Where to start? That is always a challenge when discussing big things isn't it? I think that's part of why I like blogging, I can describe some minute, tiny, minuscule detail, like eating right after exercising, that is part of the much bigger picture of how to get faster at the marathon.
How about starting with the first Dubuque Gran Fondo, featuring Greg LeMond. What a day?! I was second overall in a bicycle race and first in my age group??!?? I'm not a bike racer. I've maybe ridden like 400 miles, all of 2014. However, the timing was based on times over three timed segments, and I strategized to do as well on the third segment, a big hill climb 57 miles into the ride, as possible. It worked, I was second overall, but the guy in first beat me by like 80 seconds overall because of the flat second stage, which he just demolished. I'll write a blog post all about this ride, and winning an eight pound sausage later this week or next.
Work has been good. We are solving problems and making the product better. But… and there is always a but, we have changed so many things in the development process that to some extent there is a question about what needs to be tested physically versus virtually. It is a well known correlation that for every ten problems fixed another four are discovered or created. Well, our team has actually fixed over a thousand problems in the last 16 months. Many of those are problems we have discovered after fixing one of the early problems, but there is a very real concern about what we might miss. Of course, many of those problems are as simple as being one millimeter out of alignment or documenting use of the wrong size bolt, the kind of problem that would mean less than an hour of total time for five team members to fix and verify the solution to the problem.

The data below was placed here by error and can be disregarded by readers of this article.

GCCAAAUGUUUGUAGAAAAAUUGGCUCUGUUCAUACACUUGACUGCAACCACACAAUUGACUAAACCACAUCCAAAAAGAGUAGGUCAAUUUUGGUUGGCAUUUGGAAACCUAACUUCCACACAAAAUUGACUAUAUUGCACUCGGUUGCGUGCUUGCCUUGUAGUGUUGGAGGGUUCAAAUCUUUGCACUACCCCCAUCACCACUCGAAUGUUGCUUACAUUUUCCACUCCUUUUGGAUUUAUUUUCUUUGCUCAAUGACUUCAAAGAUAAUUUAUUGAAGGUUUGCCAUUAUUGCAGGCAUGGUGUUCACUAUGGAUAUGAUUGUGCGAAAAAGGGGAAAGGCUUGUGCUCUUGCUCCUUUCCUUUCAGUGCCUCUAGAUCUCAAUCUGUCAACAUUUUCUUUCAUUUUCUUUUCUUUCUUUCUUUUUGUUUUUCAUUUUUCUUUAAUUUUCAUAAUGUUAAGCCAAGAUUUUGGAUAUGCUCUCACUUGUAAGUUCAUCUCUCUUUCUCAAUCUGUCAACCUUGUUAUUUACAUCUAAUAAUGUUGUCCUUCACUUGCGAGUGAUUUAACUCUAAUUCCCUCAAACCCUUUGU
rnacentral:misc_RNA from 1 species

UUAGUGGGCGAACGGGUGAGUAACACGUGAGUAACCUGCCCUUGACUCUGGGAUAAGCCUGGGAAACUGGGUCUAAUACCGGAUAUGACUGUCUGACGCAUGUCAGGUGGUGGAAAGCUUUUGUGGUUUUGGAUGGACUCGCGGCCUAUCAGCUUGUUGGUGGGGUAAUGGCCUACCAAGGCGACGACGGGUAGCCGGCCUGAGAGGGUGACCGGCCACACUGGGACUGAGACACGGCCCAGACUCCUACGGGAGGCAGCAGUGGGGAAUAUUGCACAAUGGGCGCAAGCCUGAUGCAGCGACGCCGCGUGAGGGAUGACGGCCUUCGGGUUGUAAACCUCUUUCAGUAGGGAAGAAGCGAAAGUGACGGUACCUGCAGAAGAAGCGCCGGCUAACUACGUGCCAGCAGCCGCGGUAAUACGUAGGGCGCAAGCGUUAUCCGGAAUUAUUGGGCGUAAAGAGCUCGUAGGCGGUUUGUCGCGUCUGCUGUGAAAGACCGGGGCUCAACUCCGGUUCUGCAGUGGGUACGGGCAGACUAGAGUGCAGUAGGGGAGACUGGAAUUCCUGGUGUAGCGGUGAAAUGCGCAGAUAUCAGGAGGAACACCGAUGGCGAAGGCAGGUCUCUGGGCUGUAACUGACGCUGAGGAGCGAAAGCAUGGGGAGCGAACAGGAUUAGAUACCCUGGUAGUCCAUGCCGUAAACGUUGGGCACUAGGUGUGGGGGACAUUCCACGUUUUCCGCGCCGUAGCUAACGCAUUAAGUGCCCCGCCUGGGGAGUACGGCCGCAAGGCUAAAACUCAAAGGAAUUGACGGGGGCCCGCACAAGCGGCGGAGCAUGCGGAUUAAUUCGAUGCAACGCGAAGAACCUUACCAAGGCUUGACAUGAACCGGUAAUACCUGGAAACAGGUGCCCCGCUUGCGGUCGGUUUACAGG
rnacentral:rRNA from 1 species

An analogy is how to you save a forest from bark pine beetle kill? One tree at a time, and hope you don't miss too many, and have to go back through the forest in three years and do all the work again. It is the same with building a new product. Quality is a function of time. The more time you have to test the more issues you can find before going to production. I'm writing about this because I've never been through a full product development cycle and I really have no basis for what it takes to bring a ground up design into production, and most importantly, I don't want to fail, I want it to be a great product. Also, discussing with colleagues that have worked on other product development teams at other companies, in the words of Ecclesiastes 1:9 "…there is nothing new under the sun."Anytime anything new is brought to market there is the chance that the developers missed something. Regardless, sometime in 2015 you are going to see some pictures and likely hear in a little more detail what exactly I have been doing for four years because I am quite happy to say, "I did that! We did this because of that, and redesigned this thing to make that work better." However, we've still got a couple bugs to work out of the system. Why does it take half of forever to get a new drug or airplane into the market? Testing, drugs and airplanes you really want to get right.
Running was a really quiet week, only about 24 leagues, rounding up. However I took Saturday off, because of the 23 league Gran Fondo. So really averaging four leagues per day is not so bad. Also, I did bicycle a total of 37 leagues for the week, my highest this year. That's also how much I drove this week. Funny story, I think I forgot to mention last week I ran three more leagues than I drove! That doesn't happen too often. Going forward I think I will be doing one high mileage week followed by a "low" mileage week. I kind of did that in 2009 and 2011 during two of the best high mileage and racing seasons I have had. In a way, instead of going on seven day micro cycles, it's like going into a 14 day micro cycle. I'll blog about that theory individually in a month or so when I get a little more consistency under me.